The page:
And instead of adding a table, I am actually just going to add three pieces of information. First, what I am going to do is have a label just to show what they are. So on my Insert section of the Ribbon, I am going to grab a normal text box here and with that selected, I should have little crosshairs that I can come down and just draw an area by clicking and dragging on this layout. I am going to show the total sales, and I am also going to show the number of orders and the average order amount. Again, this right now is just a label.

I am also going to improve the font a little bit here, take it up to, say, 20. Align this on the right-hand side. I am going to drag it a little bit wider and as I do that, it will move out the actual size of the page, so we can see it properly here. In fact that font is a little big. I will just drop it down to 18 and that will work. Now, I need some actual values that would be calculated when this report is run. So where do I get them from? If I look over here in the Report Data section in Report Builder, I can see that my data set is showing up as SalesInfo with just one field here, of TotalDue.

So what actually happens if I drag that over, because you can drag from the Report Data panel? Now, do be careful if you are dragging over existing elements in the report layout, like text boxes here; it can often upset things, so it's often a better idea to kind of move it around so you don't move over the top of another element. So I am just going to let go. And it's dropping in a textbox here with this little Expr for expression. So what? What does that actually going to do? After all, if I just dragged on one column name, is it going to repeat them all? We could have a thousand different orders so what will this show? Well let's find out. I am going to go up here and click Run.

Now actually here, it's showing here the Total Sales 956303.5949, and that actually is the total amount of orders. It's adding all those total due amounts together. The question is, why? Why did it do that rather than just write out the first one or right out the last one or just write out some random single value? Well, let's find out. Going back into Design view I am going to highlight that. And there is a couple of ways I could get to this, but with that selected, I am going to come over here to my Property Pages and open that up, because here is where we get the easy way of looking at the value.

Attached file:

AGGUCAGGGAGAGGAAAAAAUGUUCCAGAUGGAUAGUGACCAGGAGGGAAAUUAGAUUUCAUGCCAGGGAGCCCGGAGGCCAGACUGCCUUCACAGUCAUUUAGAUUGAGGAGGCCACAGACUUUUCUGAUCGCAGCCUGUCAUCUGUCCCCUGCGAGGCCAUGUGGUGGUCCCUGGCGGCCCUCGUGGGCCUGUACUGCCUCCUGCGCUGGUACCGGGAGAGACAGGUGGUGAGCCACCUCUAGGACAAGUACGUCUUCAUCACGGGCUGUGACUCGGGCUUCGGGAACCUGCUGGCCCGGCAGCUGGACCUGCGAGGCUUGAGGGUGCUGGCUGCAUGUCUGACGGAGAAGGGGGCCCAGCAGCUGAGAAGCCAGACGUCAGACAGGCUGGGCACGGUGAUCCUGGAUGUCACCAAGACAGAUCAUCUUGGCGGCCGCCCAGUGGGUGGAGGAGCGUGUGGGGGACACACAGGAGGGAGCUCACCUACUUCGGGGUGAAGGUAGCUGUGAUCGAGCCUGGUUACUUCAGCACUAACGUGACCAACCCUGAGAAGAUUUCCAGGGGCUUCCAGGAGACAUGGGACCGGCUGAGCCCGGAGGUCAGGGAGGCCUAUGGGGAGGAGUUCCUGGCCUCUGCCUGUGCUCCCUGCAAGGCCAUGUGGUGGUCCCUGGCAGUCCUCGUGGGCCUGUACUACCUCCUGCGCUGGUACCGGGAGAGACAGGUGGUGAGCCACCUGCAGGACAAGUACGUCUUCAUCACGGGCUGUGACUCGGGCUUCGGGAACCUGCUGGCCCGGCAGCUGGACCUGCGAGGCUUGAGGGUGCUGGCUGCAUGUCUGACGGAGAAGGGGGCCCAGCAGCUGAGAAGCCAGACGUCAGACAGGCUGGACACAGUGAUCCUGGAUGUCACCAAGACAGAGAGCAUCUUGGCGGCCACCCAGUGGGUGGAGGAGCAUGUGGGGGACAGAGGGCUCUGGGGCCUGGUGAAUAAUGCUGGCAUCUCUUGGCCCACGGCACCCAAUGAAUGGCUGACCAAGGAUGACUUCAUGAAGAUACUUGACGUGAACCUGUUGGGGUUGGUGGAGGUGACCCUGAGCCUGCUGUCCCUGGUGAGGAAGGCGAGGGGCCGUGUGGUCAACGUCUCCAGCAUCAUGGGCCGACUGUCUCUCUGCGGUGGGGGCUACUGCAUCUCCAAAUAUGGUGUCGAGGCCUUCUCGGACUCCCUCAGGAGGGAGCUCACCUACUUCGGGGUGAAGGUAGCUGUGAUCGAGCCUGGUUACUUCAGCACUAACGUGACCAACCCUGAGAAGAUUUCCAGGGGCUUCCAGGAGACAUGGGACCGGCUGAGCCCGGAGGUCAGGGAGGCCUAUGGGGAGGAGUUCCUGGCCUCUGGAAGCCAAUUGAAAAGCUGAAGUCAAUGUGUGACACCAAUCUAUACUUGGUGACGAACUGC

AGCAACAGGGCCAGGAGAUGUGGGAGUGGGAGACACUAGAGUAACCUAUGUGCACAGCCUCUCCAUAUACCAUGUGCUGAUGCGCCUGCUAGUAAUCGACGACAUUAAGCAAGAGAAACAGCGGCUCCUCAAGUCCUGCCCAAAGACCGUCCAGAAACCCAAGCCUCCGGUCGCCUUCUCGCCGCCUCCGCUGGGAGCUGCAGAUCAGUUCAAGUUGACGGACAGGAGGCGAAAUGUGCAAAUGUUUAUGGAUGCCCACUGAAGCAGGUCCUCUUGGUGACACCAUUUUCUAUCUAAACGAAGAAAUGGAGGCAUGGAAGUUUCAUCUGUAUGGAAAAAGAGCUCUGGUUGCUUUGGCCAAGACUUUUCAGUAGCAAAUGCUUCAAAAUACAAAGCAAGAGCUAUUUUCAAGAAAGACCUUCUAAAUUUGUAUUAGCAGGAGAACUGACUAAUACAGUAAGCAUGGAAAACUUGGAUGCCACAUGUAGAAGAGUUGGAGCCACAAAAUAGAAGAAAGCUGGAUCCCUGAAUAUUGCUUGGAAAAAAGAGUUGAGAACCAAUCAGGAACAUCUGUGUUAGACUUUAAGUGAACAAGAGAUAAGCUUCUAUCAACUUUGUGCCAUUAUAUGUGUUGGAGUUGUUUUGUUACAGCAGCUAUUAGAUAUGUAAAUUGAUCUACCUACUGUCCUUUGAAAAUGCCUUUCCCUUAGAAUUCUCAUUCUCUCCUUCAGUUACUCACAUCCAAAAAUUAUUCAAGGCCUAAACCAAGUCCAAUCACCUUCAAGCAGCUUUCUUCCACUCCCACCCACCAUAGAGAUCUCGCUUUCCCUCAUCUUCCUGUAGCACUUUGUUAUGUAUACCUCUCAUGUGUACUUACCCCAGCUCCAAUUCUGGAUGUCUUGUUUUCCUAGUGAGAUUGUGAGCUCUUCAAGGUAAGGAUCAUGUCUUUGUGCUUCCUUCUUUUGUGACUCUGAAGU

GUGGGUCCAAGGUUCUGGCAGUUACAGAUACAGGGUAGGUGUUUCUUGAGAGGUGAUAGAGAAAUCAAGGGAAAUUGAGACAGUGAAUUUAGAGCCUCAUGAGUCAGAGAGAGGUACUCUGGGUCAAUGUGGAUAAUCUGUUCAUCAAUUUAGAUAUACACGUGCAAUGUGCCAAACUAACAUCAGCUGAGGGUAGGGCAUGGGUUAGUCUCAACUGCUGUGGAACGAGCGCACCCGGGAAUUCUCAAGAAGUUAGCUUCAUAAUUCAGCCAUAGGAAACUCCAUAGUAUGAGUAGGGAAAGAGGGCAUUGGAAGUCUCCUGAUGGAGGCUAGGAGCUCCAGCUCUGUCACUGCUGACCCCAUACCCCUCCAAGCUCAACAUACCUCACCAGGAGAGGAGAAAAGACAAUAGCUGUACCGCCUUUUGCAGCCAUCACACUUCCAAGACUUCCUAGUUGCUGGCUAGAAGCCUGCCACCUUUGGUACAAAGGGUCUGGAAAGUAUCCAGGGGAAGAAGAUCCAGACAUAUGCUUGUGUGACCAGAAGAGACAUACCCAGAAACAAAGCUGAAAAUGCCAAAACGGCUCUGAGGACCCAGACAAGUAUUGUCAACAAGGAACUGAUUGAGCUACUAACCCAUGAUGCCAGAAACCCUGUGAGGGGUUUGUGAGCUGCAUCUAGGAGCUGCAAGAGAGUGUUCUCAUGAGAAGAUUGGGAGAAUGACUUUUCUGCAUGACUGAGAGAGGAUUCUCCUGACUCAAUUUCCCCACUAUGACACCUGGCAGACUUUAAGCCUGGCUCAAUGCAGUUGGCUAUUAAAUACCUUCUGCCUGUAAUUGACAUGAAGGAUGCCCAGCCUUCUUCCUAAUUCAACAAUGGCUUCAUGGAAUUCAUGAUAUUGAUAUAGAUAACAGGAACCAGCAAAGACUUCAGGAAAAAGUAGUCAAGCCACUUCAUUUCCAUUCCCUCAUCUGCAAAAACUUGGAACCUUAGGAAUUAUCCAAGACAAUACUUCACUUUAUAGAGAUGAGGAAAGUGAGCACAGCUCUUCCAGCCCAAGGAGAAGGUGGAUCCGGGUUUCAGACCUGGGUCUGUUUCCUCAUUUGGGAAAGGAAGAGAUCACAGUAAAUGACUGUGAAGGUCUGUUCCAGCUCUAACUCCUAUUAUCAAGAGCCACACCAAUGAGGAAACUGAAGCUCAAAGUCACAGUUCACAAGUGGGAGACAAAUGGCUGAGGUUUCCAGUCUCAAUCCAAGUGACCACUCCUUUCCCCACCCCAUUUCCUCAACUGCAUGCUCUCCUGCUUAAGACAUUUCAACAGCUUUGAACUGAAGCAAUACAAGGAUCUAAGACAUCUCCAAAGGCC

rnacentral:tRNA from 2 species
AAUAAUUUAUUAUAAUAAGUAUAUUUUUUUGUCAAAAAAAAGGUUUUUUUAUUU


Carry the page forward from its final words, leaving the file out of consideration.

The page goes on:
It's saying it's getting it from an expression. And if I click the little Expression Builder button here, I can see that we have got this value being written in this expression, this calculation, which says =Sum(Fields!TotalDue.Value, "SalesInfo"). Okay, the format might look a little weird here, but what we are basically saying is add together all the values in that Total due column for the dataset called SalesInfo, and it's this word, Sum, that is summing them all together. This is Report Builder's best guess of what I probably want, seeing as I'm not using a table here to repeat multiple columns.

So this actually works in this case. Well, what if I wanted something else? What if I wanted the average instead, or the count of them? Well, I can always use that as a starting point. So I am going to grab the TotalDue again from my Report Data section and drag it over here and put it beside, say, Number of Orders. Now, right now this will do exactly the same thing. If I clicked into the Run mode, we'd see the same number. But I can use this as a usual starting point. I'll grab this one, open up the Property pages, and open up the Expression builder for the value. And instead of Sum, I'm going to just change that to Count.